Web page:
In reviewing a summary judgment motion, the court "must draw all justifiable inferences in favor of the nonmoving party." United States v. Carolina Transformer Co., 978 F.2d 832, 835 (4th Cir. 1992) (citing Anderson v. Liberty Lobby, Inc., 477 U.S. 242, 255 (1986)). However, a mere scintilla of evidence will not preclude summary judgment. Anderson, 477 U.S. at 251 (citing Improvement Co. v. Munson, 81 U.S. (14 Wall.) 442, 448 (1872)). Moreover, not all disputes of fact preclude summary judgment. Instead, "the requirement is that there be no genuine issue of material fact." Id. at 248. With respect to materiality, "[o]nly disputes over facts that might affect the outcome of the suit under the governing law will properly preclude the entry of summary judgment." Id.

As to genuineness, the nonmoving party "must produce... evidence that creates a fair doubt; wholly speculative assertions will not suffice." Bongam v. Action Toyota, Inc., 14 F.Appx. 275, 280 (4th Cir. 2001) (internal quotation marks omitted). "A motion for summary judgment may not be defeated by evidence that is merely colorable' or is not sufficiently probative.'" M& M Med. Supplies & Serv., Inc. v. Pleasant Valley Hosp., Inc., 981 F.2d 160, 163 (4th Cir. 1993) (quoting Anderson, 477 U.S. at 249-50). Nor will mere "metaphysical doubt as to the material facts'" create a genuine dispute. Emmett v. Johnson, 532 F.3d 291, 297 (4th Cir. 2008) (quoting Matsushita Elec. Indus. Co. v. Zenith Radio Corp., 475 U.S. 574, 586 (1986)). Thus, "[t]he nonmovant can show that a dispute is genuine only if it provides sufficient evidence so that a reasonable jury could return a verdict for the nonmoving party.'" Wiggins v. DaVita Tidewater LLC, 451 F.Supp.2d 789, 796 (E.D. Va. 2006)(quoting Anderson, 477 U.S. at 248).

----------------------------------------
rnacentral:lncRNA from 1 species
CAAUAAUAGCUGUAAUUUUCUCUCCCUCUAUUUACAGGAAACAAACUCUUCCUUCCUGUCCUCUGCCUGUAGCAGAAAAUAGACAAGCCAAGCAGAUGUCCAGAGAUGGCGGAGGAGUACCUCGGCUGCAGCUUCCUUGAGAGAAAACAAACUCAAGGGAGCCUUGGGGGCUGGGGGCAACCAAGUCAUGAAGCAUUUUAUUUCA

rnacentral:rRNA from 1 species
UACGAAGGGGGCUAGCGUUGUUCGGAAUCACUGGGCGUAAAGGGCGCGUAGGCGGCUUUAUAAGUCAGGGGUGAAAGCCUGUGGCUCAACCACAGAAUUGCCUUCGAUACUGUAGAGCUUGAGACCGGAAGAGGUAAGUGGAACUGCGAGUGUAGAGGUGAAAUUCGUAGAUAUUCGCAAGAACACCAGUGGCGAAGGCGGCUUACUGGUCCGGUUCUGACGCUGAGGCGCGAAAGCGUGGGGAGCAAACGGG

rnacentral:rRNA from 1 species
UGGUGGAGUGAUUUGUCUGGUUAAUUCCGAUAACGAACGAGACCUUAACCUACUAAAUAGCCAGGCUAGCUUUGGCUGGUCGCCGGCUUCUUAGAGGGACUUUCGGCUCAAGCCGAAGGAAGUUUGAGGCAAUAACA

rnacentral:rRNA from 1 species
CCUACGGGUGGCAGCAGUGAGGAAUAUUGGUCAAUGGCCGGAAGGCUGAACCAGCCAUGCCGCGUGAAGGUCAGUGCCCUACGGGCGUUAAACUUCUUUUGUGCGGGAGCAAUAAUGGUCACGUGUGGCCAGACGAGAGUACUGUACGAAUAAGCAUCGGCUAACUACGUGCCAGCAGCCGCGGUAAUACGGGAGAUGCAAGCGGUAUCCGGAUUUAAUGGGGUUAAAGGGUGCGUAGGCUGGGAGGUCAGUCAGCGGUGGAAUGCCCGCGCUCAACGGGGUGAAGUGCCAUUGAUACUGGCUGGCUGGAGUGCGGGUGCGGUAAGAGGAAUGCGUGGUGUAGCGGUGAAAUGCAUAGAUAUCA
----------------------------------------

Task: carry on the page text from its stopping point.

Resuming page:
In support of their Motion for Summary Judgment, Respondents submit the affidavit of Britt's trial counsel, Stephen A. Hudgins (Br. Supp. Mot. Summ. J. Ex. 3, ("Hudgins Aff"), ECF No. 18-4) and the affidavit of Kimberly Runion ( id. Ex. 4 ("Runion Aff."), ECF No. 18-5).

As a general rule, a non-movant must respond to a motion for summary judgment with affidavits or other verified evidence. Celotex Corp., 477 U.S. at 324. Britt fails to cite the Court to any evidence, such as his § 2254 Petition, which is unsworn, or his previously filed sworn "Motion of Return" (ECF No. 13), that he wishes the Court to consider in opposition to the Motion for Summary Judgment. See Fed.R.Civ.P. 56(c)(3) (emphasizing that "[t]he court need consider only the cited materials" in deciding a motion for summary judgment). Britt's complete failure to present any evidence to counter Respondents' Motion for Summary Judgment permits the Court to rely solely on Respondents' submissions in deciding the Motion for Summary Judgment. See Forsyth v. Barr, 19 F.3d 1527, 1537 (5th Cir. 1994) ('"Rule 56 does not impose upon the district court a duty to sift through the record in search of evidence to support a party's opposition to summary judgment.'" (quoting Skotak v. Tenneco Resins, Inc., 953 F.2d 909, 915 & n.7 (5th Cir. 1992))). Moreover, even if the Court considers the admissible evidence in Britt's Motion of Return, and draws all permissible inferences in favor of Britt, it falls short of defeating Respondents' Motion for Summary Judgment.